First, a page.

Ten years ago, we (Frank Musten & Lynette Monteiro) were inspired by the development of Mindfulness-Based Cognitive Therapy (see Mindfulness-Based Cognitive Therapy for Depression: A new approach to preventing relapse by Zindel Segal, J. Mark Williams & John Teasdale; Guilford Press) and, after a brief correspondence with Dr. Segal, launched the Ottawa Mindfulness Clinic. It was a scary venture despite our experience as therapists and use of meditation in individual sessions as an adjunct to progressive muscular relaxation. We also were refining our experiences in the Buddhist community, learning more and more about the foundations of mindfulness, in particular the role of ethics in guiding lifestyle changes. The program took shape as a process of understanding the nature of “symptoms” which reflected our clinical training and interest in finding a way view psychological difficulties such as depression and anxiety as an interaction between internal and external sensation experiences.
The concepts of mindfulness were still new and not always welcomed by the medical and psychological communities then. So much has changed since! The first class started in May 2003 and was held in a conference room at the Riverside Hospital. It was so crowded – not because of a large enrollment but because of a three-piece horseshoe conference table that took up most of the space. When we did the Body Scan, some participants had to lie down with their legs out the door or under the table itself; one even lay down on top of the table. Still, despite the random sounds of walls and doors being drilled during the Awareness of Breath meditations, transformations occurred.
The next year the OMC moved to a little space that resembled a very short bowling alley. Here, courses in Mindfulness-Based Symptom Management (MBSM) unfolded over many years. Participants joined us to learn how to breathe through physical and emotional pain, with joy and woe, in sickness and health. It was a joining ceremony in each class, meeting ourselves for the first time and embracing this stranger we had become. It didn’t matter whether we spoke of teacher or participant; change happened.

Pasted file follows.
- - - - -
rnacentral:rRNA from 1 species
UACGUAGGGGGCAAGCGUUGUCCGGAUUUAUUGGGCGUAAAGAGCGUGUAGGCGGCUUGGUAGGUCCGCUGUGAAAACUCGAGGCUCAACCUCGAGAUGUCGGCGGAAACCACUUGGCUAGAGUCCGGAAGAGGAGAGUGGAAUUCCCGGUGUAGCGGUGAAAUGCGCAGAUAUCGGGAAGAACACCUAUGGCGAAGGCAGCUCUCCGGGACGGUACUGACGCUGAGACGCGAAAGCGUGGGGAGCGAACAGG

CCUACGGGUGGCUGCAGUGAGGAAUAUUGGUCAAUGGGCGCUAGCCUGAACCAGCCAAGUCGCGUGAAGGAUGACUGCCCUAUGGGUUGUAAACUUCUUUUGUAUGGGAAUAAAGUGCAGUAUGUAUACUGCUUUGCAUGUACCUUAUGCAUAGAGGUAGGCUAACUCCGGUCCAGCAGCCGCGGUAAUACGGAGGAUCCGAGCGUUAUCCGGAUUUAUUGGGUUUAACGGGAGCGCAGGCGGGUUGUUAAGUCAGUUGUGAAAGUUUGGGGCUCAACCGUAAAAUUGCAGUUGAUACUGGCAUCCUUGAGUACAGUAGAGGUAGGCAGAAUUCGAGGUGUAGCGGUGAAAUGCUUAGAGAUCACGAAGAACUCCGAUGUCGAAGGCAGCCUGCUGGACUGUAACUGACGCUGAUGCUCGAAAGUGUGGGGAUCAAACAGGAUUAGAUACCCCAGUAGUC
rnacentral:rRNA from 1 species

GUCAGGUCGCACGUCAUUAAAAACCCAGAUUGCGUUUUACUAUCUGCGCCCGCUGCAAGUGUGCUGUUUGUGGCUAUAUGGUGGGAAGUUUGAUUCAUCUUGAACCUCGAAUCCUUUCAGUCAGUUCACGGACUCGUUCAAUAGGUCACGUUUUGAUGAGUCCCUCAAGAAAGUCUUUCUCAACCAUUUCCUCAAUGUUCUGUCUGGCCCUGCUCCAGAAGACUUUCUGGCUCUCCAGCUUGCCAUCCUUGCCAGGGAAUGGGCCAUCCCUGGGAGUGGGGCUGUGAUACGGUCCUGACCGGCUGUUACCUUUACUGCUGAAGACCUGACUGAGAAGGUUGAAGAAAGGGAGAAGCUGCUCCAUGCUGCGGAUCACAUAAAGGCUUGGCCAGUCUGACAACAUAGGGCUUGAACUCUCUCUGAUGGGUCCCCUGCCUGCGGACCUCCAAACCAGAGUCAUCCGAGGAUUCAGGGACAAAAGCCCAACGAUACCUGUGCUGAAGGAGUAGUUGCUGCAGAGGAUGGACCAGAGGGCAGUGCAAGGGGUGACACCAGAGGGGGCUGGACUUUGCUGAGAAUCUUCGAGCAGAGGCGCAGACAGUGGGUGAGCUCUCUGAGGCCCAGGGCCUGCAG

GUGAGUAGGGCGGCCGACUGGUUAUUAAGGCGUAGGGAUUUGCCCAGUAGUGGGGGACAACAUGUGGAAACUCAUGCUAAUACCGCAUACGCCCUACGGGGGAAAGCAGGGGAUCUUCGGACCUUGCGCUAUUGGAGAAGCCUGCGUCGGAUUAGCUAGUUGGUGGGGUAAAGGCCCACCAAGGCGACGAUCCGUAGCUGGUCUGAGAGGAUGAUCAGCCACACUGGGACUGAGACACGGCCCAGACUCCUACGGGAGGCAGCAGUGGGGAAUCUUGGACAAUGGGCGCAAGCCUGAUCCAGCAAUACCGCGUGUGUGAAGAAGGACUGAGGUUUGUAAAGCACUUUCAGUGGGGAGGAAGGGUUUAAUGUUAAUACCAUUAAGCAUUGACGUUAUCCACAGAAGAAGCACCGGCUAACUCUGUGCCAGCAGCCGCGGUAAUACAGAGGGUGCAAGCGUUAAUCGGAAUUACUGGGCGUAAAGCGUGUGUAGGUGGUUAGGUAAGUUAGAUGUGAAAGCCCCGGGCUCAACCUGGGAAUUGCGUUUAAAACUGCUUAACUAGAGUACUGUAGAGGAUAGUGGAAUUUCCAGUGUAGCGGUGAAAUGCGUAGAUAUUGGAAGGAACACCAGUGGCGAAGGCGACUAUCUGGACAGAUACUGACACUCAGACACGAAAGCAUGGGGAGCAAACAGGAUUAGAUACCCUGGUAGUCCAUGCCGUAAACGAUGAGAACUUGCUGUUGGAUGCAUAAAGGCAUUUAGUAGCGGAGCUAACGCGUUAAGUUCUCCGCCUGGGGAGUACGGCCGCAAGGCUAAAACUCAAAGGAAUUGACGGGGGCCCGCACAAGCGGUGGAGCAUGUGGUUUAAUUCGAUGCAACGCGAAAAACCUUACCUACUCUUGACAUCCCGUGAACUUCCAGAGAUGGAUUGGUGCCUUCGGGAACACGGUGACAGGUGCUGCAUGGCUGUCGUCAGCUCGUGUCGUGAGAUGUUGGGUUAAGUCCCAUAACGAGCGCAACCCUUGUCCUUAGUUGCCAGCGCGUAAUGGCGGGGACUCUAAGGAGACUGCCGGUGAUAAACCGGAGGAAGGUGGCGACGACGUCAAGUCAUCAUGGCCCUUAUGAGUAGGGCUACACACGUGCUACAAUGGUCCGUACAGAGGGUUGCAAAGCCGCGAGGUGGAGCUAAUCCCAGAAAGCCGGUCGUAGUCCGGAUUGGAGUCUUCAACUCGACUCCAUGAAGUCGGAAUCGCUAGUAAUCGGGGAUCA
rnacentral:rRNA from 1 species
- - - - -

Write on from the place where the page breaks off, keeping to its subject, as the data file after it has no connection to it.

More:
In 2008, we began the Teacher Training Program at the request of many colleagues. The focus on an Ethics-Based Mindfulness Program was appealing for many professionals who understood intuitively that healthy choices could only come out of a set of principles that directed those choices. The Five Skillful Habits, as the core of the OMC program, was innovative and participants as well as teacher trainees welcomed the idea that skillful choices cannot be left to a process of “just paying attention.”
The OMC moved into new space five years ago and now is composed of several wonderful teachers who facilitate courses in Core Mindfulness, Burnout Resilience, Self-Compassion for Health Care Professionals, Pain & Chronic Illness Management and who coach the Teacher Training Retreat. The OMC is also a Practicuum training facility for PhD candidates in Clinical Psychology at the School of Psychology, University of Ottawa.
We have been blessed with the generous involvement of the Ottawa community in creating this safe and quiet space where so much healing can happen.
Our future is bright and exciting. Our book, Mindfulness Starts Here: An eight-week guide to skillful living, will be published soon and we look forward to continuing to offer our support and care to an ever-growing community of mindfulness practitioners.
Thank you for all you have done to make this a reality!